Whatever your preference of watering hole in remote Arnhem Land, The Arnhem Club had something its colder neighbour, the Walkabout Tavern, never had and never will have. Call it heart, soul, warmth or ‘hwyl’ from the Welsh word meaning “a complex and intangible quality of passion and sense of belonging that isn’t easy to translate”.
The Gulf of Carpentaria is being inundated with some of the highest densities of rubbish in the world
Australia’s celebrated Arnhem Land aerospace project, rather than being dedicatedly civilian as the nation was media-led to believe, will have a US military component. Can the town of Nhulunbuy be permitted to survive? Probably not. Rio Tinto’s bauxite mine will soon close and the only other functions of the town are as a servicing hub for local Aboriginal communities and as a staging post for tourism. Obviously, both roles will end. And the Indigenous population? Without access to Songline sites, morale will collapse, and Arnhem Aboriginal culture will go into terminal decline.
As 2018 draws to a close we decided to revisit some of the stories affecting the region throughout the year, so we suggest you pour yourself your preferred tipple, grab a mince pie, crank up “Fairytale of New York” and journey through some of the stories and articles our volunteers gathered for you in 2018.
Widespread coral bleaching is forecast for waters off the Northern Australia coast, due to above-average sea surface temperatures that could last for up to two months.
The system started moving east overnight and out over the water, away from Port McArthur and Borroloola and may increase to Category 4 intensity later today.
Severe Tropical Cyclone Owen is now taking a more easterly course, retracing its path back towards Queensland.
Cyclone shelters have been opened for people in Borroloola and Numbulwar as Tropical Cyclone Owen strengthens and has the potential to reach a Category 3 system by early tomorrow morning.
Severe Tropical Cyclone Owen is causing very destructive winds along the Gulf of Carpentaria coast between Port Roper and Bing Bong (Port McArthur) as it slowly tracks north this afternoon.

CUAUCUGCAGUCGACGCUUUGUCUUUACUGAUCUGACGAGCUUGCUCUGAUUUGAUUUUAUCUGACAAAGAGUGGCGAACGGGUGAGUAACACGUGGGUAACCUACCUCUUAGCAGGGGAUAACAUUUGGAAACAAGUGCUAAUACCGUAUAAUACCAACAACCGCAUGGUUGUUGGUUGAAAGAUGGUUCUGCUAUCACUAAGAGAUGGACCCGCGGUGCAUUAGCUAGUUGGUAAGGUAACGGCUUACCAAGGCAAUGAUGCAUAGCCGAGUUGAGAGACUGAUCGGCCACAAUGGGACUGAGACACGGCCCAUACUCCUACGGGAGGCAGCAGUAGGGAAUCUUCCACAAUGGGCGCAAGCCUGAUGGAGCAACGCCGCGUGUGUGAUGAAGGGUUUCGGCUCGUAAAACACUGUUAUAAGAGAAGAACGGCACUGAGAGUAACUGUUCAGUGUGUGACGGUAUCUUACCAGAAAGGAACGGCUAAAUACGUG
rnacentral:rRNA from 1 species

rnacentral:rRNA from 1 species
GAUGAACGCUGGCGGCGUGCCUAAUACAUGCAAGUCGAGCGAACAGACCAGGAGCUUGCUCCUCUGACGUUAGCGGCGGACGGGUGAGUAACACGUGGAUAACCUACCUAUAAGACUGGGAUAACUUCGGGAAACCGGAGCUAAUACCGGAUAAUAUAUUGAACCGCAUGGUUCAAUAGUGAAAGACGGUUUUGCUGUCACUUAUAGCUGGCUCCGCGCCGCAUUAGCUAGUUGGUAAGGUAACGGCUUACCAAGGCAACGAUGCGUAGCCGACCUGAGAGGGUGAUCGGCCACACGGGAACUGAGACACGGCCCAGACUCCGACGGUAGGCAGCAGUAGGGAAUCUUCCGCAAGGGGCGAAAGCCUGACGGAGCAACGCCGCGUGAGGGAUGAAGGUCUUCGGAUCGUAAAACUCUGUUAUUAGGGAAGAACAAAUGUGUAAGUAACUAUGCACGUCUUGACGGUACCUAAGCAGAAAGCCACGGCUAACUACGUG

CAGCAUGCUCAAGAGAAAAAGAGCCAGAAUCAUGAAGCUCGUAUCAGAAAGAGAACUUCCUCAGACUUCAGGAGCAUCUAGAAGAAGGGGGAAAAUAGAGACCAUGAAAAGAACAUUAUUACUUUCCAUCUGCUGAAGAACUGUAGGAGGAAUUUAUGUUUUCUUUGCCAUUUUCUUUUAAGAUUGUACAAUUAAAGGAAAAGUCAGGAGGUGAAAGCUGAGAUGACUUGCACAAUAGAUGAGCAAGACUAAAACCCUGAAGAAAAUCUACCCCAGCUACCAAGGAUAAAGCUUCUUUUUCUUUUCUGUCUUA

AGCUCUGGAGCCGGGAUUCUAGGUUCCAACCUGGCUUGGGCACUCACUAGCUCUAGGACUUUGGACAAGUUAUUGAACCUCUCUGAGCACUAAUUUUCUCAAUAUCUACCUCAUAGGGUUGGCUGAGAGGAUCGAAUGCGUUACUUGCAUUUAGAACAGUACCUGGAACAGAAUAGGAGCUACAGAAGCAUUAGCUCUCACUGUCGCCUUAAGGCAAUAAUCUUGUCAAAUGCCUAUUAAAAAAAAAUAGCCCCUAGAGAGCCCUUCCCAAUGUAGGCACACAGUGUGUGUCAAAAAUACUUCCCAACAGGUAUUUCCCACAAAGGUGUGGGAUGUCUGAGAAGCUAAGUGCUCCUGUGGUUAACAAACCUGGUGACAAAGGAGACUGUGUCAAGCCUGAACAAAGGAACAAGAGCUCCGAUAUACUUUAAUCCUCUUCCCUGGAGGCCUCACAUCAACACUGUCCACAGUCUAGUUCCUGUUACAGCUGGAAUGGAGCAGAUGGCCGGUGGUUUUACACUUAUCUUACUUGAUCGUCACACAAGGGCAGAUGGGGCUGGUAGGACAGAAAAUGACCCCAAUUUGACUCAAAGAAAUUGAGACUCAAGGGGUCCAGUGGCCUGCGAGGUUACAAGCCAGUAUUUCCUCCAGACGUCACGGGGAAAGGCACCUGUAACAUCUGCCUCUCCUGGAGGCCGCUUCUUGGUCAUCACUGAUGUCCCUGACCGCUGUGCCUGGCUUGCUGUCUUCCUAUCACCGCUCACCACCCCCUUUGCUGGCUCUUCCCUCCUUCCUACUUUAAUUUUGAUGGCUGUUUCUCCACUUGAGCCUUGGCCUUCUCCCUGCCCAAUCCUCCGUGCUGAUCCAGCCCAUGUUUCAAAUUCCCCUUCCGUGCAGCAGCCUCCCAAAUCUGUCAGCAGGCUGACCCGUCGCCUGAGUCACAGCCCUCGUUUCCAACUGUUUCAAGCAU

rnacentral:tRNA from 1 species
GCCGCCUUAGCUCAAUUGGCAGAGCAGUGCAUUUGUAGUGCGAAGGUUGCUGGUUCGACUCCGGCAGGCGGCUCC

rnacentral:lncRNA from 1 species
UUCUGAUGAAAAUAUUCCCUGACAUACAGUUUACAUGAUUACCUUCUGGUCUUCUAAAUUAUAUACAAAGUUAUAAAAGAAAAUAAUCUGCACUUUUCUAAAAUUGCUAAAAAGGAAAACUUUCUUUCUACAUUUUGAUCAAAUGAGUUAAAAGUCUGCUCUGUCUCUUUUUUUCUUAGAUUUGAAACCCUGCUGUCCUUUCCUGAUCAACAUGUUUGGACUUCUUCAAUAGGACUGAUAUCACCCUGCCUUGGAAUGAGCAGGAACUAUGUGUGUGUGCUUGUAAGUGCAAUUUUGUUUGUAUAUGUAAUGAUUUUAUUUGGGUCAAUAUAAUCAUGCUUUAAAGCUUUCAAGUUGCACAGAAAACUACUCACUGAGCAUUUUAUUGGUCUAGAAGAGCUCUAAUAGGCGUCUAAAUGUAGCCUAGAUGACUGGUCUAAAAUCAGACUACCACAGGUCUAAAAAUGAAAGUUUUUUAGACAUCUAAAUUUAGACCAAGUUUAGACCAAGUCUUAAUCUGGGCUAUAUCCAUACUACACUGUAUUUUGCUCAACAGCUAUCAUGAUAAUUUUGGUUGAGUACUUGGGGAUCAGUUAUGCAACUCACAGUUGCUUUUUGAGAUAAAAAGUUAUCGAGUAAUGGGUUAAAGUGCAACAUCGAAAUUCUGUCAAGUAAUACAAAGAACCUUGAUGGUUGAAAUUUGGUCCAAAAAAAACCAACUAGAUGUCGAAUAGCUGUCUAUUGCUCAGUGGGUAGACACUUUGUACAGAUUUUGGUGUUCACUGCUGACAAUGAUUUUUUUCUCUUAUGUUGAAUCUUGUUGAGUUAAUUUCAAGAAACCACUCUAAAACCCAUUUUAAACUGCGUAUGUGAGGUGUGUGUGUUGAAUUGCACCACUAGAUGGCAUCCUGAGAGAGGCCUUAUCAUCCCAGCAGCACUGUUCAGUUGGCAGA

Department of the Chief Minister
Tropical Cyclone Owen – UPDATE #7
13 December 2018
Thursday, 13 December 2018
Issued at: 0845hrs CST
Tropical Cyclone Owen has intensified to a Category 3 system as it sits just off the coast of Bing Bong (Port McArthur).
The Bureau of Meteorology (BOM) says TC Owen has been near stationary along the Gulf of Carpentaria’s south west coast for the past couple of hours. Sustained winds of around 150 kilometres per hour have been recorded at the eye of the cyclone.
“The advice that we have from the Bureau of Meteorology is that TC Owen will develop further as it straddles the coast this morning before it starts moving towards Queensland later today,” Regional Controller Travis Wurst said.
“We’ve been told it could intensify to a Category 4 system in the next six hours.
“Because the system has slowed down and is staying in the area, we’ve been in contact with the community at Ngukurr to ensure that locals are prepared for the strong winds in the region.
A Warning is in place for Numbulwar in the Northern Territory through to Aurukun in Queensland, including Borroloola. A Warning for the area between Alyangula and Numbulwar, including Groote Eylandt has been cancelled. There is a Watch in place for parts of Queensland from Karumba to Coen.
“No-one took up the option of staying in the Numbulwar public shelter overnight, but we’re leaving it open just in case. The shelters at Borroloola are also still open and we’ve had around 125 people access them since last night. There are no current plans to open public shelters at Ngukurr.
“Schools in those areas are closed while the buildings are being used as shelters. We want people heading to those shelters to bring their cyclone kits with them, including food and bedding.”
Areas along the coast are forecast to receive rainfalls of between 20 and 30 millimetres per hour. This could lead to falls of 120 to 200mms which could see flash flooding in the region.
Gale force winds are predicted along the coast and for Borroloola later today, with the possibility of destructive winds.
“People in the region can expect to see power failures, roof and structure damage and destroy caravans.
“If it gets up to a Category 4 system, that would mean there would be destructive to very destructive winds, which can see significant building damage. Caravans could be blown away and there could be dangerous airborne debris and widespread power failures.
“The southern end of Groote Eylandt had the most wind overnight with estimated gusts of around 90 – 125 kilometres per hour knocking down some trees and there was a small amount of rain, less than 50 millimetres,” Regional Controller Wurst said.
The advice from emergency services is not to travel in the area unless it is to a public ashelter. Motorists should slow down, turn on their lights and drive to conditions.
People in the region should finalise their cyclone plans and preparations as soon as possible and take shelter as conditions deteriorate.
A list of what residents should include in their emergency kit can be found on the Northern Territory Emergency Service website: http://www.pfes.nt.gov.au/Emergency-Service/Public-safety-advice/Household-emergency-planning.aspx
Cyclone preparedness information is available at SecureNT: https://securent.nt.gov.au/prepare-for-an-emergency/cyclones
For more information on weather warnings go to the BoM website: http://www.bom.gov.au/nt/warnings
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